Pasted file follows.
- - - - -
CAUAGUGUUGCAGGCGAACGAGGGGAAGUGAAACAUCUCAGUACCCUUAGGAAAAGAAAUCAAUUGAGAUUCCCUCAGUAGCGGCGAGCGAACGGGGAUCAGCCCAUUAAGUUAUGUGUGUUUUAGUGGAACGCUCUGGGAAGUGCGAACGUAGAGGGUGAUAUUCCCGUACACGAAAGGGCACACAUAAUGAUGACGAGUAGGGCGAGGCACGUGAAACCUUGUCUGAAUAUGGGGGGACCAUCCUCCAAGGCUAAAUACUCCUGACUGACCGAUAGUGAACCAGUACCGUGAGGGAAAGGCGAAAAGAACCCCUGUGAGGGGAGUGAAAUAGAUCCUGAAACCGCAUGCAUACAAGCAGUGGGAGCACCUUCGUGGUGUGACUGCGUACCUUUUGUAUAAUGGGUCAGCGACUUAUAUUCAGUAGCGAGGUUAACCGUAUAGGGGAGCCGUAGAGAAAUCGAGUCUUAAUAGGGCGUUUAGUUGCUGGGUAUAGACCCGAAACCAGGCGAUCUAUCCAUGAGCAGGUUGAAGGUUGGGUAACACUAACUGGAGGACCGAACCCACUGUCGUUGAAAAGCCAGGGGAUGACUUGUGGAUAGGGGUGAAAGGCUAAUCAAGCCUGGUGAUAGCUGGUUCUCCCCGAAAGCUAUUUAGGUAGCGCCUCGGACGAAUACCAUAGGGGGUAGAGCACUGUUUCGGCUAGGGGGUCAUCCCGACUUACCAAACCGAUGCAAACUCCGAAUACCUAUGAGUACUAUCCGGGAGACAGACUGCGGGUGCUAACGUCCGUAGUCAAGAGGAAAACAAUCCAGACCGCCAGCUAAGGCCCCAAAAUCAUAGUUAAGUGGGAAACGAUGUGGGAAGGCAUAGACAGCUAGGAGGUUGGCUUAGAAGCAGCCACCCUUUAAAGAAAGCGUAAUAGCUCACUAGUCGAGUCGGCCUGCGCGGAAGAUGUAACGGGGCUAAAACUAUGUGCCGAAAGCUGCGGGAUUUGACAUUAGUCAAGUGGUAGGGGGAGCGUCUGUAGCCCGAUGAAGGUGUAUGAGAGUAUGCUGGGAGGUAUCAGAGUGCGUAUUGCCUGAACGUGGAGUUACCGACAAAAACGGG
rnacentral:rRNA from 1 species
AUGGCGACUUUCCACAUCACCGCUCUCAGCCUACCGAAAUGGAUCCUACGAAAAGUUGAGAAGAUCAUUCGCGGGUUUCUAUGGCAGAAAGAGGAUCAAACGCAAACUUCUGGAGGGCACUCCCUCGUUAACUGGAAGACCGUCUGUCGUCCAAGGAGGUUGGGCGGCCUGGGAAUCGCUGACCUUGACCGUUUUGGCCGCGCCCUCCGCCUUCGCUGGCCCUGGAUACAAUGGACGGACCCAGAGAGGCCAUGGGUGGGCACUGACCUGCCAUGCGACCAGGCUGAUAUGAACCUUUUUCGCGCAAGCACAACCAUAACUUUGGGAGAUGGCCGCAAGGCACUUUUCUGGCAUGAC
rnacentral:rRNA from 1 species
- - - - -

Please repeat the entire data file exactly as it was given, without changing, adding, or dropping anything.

CAUAGUGUUGCAGGCGAACGAGGGGAAGUGAAACAUCUCAGUACCCUUAGGAAAAGAAAUCAAUUGAGAUUCCCUCAGUAGCGGCGAGCGAACGGGGAUCAGCCCAUUAAGUUAUGUGUGUUUUAGUGGAACGCUCUGGGAAGUGCGAACGUAGAGGGUGAUAUUCCCGUACACGAAAGGGCACACAUAAUGAUGACGAGUAGGGCGAGGCACGUGAAACCUUGUCUGAAUAUGGGGGGACCAUCCUCCAAGGCUAAAUACUCCUGACUGACCGAUAGUGAACCAGUACCGUGAGGGAAAGGCGAAAAGAACCCCUGUGAGGGGAGUGAAAUAGAUCCUGAAACCGCAUGCAUACAAGCAGUGGGAGCACCUUCGUGGUGUGACUGCGUACCUUUUGUAUAAUGGGUCAGCGACUUAUAUUCAGUAGCGAGGUUAACCGUAUAGGGGAGCCGUAGAGAAAUCGAGUCUUAAUAGGGCGUUUAGUUGCUGGGUAUAGACCCGAAACCAGGCGAUCUAUCCAUGAGCAGGUUGAAGGUUGGGUAACACUAACUGGAGGACCGAACCCACUGUCGUUGAAAAGCCAGGGGAUGACUUGUGGAUAGGGGUGAAAGGCUAAUCAAGCCUGGUGAUAGCUGGUUCUCCCCGAAAGCUAUUUAGGUAGCGCCUCGGACGAAUACCAUAGGGGGUAGAGCACUGUUUCGGCUAGGGGGUCAUCCCGACUUACCAAACCGAUGCAAACUCCGAAUACCUAUGAGUACUAUCCGGGAGACAGACUGCGGGUGCUAACGUCCGUAGUCAAGAGGAAAACAAUCCAGACCGCCAGCUAAGGCCCCAAAAUCAUAGUUAAGUGGGAAACGAUGUGGGAAGGCAUAGACAGCUAGGAGGUUGGCUUAGAAGCAGCCACCCUUUAAAGAAAGCGUAAUAGCUCACUAGUCGAGUCGGCCUGCGCGGAAGAUGUAACGGGGCUAAAACUAUGUGCCGAAAGCUGCGGGAUUUGACAUUAGUCAAGUGGUAGGGGGAGCGUCUGUAGCCCGAUGAAGGUGUAUGAGAGUAUGCUGGGAGGUAUCAGAGUGCGUAUUGCCUGAACGUGGAGUUACCGACAAAAACGGG
rnacentral:rRNA from 1 species
AUGGCGACUUUCCACAUCACCGCUCUCAGCCUACCGAAAUGGAUCCUACGAAAAGUUGAGAAGAUCAUUCGCGGGUUUCUAUGGCAGAAAGAGGAUCAAACGCAAACUUCUGGAGGGCACUCCCUCGUUAACUGGAAGACCGUCUGUCGUCCAAGGAGGUUGGGCGGCCUGGGAAUCGCUGACCUUGACCGUUUUGGCCGCGCCCUCCGCCUUCGCUGGCCCUGGAUACAAUGGACGGACCCAGAGAGGCCAUGGGUGGGCACUGACCUGCCAUGCGACCAGGCUGAUAUGAACCUUUUUCGCGCAAGCACAACCAUAACUUUGGGAGAUGGCCGCAAGGCACUUUUCUGGCAUGAC
rnacentral:rRNA from 1 species